Snap Interactive, creator of the popular Facebook dating app AreYouInterested, is not like most New York startups. For one thing, the firm has never raised a dime from venture capital firms or angel investors. Secondly, it’s a public company, traded as a penny stock on the OTC BB. And last but certainly not least, the company has seen astonishing growth in its revenues, achieving that rare distinction among tech firms: profitability.
Up until recently, Snap was a conservative business, relying on its quarterly profits to slowly expand its staff. But when news broke that Goldman Sachs had invested in Facebook at a $50 million valuation, shares of Snap Interactive rose more than 1,000 percent. That allowed Snap to raise $8.5 million through a private placement of stock, providing the funds for an ambitious plan to expand its small team into a global dating empire.
The brainchild of brothers Darrell and Cliff Lerner, Snap was founded in 2005 as a standalone dating site. But in 2007, when Facebook opened its platform for independent developers to create apps, the brothers changed course. They raised $550,000 from friends and family and switched their focus to their Facebook dating app, AreYouInterested.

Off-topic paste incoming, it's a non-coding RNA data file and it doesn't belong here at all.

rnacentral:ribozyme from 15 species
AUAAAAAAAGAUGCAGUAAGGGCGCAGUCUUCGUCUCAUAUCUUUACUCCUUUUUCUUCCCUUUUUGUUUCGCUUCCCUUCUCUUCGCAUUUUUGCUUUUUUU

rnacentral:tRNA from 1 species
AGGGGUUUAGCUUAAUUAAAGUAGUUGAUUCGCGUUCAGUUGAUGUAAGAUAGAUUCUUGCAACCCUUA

“It was the Wild West days, just wide open, but still no one gave us much of chance,” says Darrell. Snap was competing with established players like Match.com and social dating startups like Zoosk, which raised $40 million venture capital funding. “It was very important to us that we maintain our independence and control,” says Darrell. “Even if it meant we had to watch every dime we spent.”
AreYouInterested now boasts 14 million active monthly users, more than twice as many as Zoosk, while Match.com has fewer than 5,000 monthly users on its Facebook app. Snap says it is adding more than 50,000 new users a day and has seen its revenue grow 230% since 2009, when it switched from advertising to subscription, reporting $2.7-2.8 million in revenue during the last quarter of 2010.
The company was able to grow so quickly at first because there were few controls on viral marketing —a.k.a. spam invites— in the early days of Facebook apps. That has put it in a unique position. “No new player in the space is going to be able to replicate that with all the restrictions Facebook has in place now,” says David Evans, who runs the industry watchdog website, Online Dating Insider. Interestingly, Snap has continued to add users, while major social games like Farmville have seen their numbers decline since spam bans went into effect.
Like Facebook itself, international markets are the next big target for Snap. “We have seen great growth in Europe but with just nine programmers couldn’t afford to target our efforts,” says Cliff. “Now we’re going to be creating unique version of the service in local languages and integrating with the local payment platforms that are popular in each country.”
“We’ve always had to operate very lean, so this recent funding was a real game changer for us,” says Darrell. “We’re no Zynga yet, but expect us to use this capital to expand AreYouInterested in a big way and begin to work on some new offerings as well.”
bpopper at observer dot com – @benpopper